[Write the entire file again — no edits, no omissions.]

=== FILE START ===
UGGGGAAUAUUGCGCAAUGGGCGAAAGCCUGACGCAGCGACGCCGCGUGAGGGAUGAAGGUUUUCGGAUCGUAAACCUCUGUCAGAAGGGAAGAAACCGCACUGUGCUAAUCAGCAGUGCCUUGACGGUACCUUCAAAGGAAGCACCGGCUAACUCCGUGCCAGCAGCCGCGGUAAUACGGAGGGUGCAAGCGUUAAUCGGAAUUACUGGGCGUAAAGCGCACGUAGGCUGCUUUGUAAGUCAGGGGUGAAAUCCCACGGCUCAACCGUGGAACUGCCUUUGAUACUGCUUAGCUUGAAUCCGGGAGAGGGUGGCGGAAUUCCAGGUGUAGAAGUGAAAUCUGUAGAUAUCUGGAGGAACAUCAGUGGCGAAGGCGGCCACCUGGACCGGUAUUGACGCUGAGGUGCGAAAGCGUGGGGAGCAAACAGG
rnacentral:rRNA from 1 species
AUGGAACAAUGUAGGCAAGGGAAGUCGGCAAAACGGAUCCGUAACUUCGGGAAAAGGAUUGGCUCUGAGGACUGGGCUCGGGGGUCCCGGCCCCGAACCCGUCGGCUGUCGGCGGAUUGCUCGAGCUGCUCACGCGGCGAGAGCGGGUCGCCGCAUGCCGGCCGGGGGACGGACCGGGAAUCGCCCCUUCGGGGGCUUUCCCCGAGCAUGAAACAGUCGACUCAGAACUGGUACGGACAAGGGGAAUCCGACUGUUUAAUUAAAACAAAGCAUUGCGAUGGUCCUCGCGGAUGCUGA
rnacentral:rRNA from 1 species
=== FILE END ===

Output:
UGGGGAAUAUUGCGCAAUGGGCGAAAGCCUGACGCAGCGACGCCGCGUGAGGGAUGAAGGUUUUCGGAUCGUAAACCUCUGUCAGAAGGGAAGAAACCGCACUGUGCUAAUCAGCAGUGCCUUGACGGUACCUUCAAAGGAAGCACCGGCUAACUCCGUGCCAGCAGCCGCGGUAAUACGGAGGGUGCAAGCGUUAAUCGGAAUUACUGGGCGUAAAGCGCACGUAGGCUGCUUUGUAAGUCAGGGGUGAAAUCCCACGGCUCAACCGUGGAACUGCCUUUGAUACUGCUUAGCUUGAAUCCGGGAGAGGGUGGCGGAAUUCCAGGUGUAGAAGUGAAAUCUGUAGAUAUCUGGAGGAACAUCAGUGGCGAAGGCGGCCACCUGGACCGGUAUUGACGCUGAGGUGCGAAAGCGUGGGGAGCAAACAGG
rnacentral:rRNA from 1 species
AUGGAACAAUGUAGGCAAGGGAAGUCGGCAAAACGGAUCCGUAACUUCGGGAAAAGGAUUGGCUCUGAGGACUGGGCUCGGGGGUCCCGGCCCCGAACCCGUCGGCUGUCGGCGGAUUGCUCGAGCUGCUCACGCGGCGAGAGCGGGUCGCCGCAUGCCGGCCGGGGGACGGACCGGGAAUCGCCCCUUCGGGGGCUUUCCCCGAGCAUGAAACAGUCGACUCAGAACUGGUACGGACAAGGGGAAUCCGACUGUUUAAUUAAAACAAAGCAUUGCGAUGGUCCUCGCGGAUGCUGA
rnacentral:rRNA from 1 species